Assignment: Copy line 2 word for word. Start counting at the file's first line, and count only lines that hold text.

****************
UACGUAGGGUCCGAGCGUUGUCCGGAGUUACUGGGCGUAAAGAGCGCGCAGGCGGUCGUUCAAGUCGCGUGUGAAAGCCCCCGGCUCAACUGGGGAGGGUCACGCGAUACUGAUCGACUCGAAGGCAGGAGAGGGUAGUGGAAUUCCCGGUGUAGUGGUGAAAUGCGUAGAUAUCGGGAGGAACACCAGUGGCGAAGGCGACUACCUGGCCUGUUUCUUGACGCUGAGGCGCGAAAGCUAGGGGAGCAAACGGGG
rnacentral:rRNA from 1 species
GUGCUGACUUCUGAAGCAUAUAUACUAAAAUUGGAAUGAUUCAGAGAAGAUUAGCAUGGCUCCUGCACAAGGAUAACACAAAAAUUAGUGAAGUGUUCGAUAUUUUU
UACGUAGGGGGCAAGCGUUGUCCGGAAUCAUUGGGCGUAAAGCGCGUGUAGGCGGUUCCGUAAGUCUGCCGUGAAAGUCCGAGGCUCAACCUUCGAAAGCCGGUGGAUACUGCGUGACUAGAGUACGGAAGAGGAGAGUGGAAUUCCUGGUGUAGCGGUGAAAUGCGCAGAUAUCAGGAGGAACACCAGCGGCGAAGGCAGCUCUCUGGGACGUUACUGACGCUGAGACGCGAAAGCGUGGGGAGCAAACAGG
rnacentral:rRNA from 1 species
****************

rnacentral:rRNA from 1 species